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Peaches (Prunus persica)

The peach is a deciduous tree, native to Northwest China where it was first domesticated and cultivated. It bears edible juicy fruits with various characteristics, most called peaches and others (the glossy-skinned varieties), nectarines.

The specific name persica refers to its widespread cultivation in Persia (modern-day Iran), from where it was transplanted to Europe. The peach belongs to the genus Prunus, which includes the cherry, apricot, almond and plum, all in the rose family.

Peaches and nectarines are the same species, though they are regarded commercially as different fruits. The skin of nectarines lacks the fuzz that peach skin has; a simple mutation is thought to be responsible for that difference.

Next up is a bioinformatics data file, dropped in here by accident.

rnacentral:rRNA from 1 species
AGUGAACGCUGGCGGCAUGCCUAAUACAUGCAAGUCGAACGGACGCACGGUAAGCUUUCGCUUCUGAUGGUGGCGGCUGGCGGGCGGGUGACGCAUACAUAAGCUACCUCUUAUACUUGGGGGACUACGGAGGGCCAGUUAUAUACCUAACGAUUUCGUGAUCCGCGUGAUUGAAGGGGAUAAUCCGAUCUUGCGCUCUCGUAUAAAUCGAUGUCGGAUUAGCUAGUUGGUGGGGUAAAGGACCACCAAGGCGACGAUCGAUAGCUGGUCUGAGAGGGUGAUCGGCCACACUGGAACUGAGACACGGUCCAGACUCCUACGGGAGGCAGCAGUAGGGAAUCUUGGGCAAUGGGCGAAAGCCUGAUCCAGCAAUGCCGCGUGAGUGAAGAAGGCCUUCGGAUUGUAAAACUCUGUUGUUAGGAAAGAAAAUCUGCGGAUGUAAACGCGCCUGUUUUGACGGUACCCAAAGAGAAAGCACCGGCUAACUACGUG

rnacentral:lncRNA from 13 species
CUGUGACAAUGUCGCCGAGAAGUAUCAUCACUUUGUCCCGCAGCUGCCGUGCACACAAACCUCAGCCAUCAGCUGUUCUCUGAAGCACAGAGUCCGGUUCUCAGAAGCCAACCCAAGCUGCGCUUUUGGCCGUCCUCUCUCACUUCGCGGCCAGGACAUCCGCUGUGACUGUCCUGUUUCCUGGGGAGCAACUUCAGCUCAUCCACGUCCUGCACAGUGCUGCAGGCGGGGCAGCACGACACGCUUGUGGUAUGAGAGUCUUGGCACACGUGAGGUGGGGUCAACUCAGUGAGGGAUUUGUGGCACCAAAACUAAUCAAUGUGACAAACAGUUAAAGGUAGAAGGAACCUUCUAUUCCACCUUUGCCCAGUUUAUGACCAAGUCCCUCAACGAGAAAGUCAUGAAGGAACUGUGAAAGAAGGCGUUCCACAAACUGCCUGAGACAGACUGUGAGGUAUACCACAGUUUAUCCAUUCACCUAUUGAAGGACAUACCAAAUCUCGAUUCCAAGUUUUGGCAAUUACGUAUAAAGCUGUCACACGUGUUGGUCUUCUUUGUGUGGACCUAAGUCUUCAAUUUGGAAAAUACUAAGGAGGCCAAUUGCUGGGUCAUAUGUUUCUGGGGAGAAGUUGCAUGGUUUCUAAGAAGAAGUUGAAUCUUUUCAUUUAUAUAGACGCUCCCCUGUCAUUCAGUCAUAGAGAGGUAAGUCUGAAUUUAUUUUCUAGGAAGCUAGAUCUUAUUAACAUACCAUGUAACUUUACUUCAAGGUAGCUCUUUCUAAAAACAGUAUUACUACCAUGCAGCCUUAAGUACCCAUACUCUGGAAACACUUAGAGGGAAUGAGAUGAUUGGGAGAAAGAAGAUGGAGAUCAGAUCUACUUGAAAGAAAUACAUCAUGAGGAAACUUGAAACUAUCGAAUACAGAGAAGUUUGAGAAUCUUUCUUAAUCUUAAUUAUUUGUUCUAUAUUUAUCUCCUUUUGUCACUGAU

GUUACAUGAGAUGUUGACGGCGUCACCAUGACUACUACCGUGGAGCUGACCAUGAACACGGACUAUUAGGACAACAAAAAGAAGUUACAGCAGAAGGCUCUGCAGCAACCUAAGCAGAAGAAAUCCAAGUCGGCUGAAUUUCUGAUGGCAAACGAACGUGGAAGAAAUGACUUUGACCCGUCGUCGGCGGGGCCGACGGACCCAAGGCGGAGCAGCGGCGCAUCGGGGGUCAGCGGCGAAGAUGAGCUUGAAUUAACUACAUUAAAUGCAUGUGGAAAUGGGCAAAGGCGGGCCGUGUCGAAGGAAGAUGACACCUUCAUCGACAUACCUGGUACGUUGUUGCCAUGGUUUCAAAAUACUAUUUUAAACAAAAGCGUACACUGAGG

Cultivated peaches are divided into clingstones and freestones, depending on whether the flesh sticks to the stone or not; both can have either white or yellow flesh. Peaches with white flesh typically are very sweet with little acidity, while yellow-fleshed peaches typically have an acidic tang coupled with sweetness. Low-acid, white-fleshed peaches are the most popular kinds in China, Japan, and neighboring Asian countries, while Europeans and North Americans have historically favored the acidic, yellow-fleshed cultivars.

For nutritional value per 3.5oz, visit the USDA site here.


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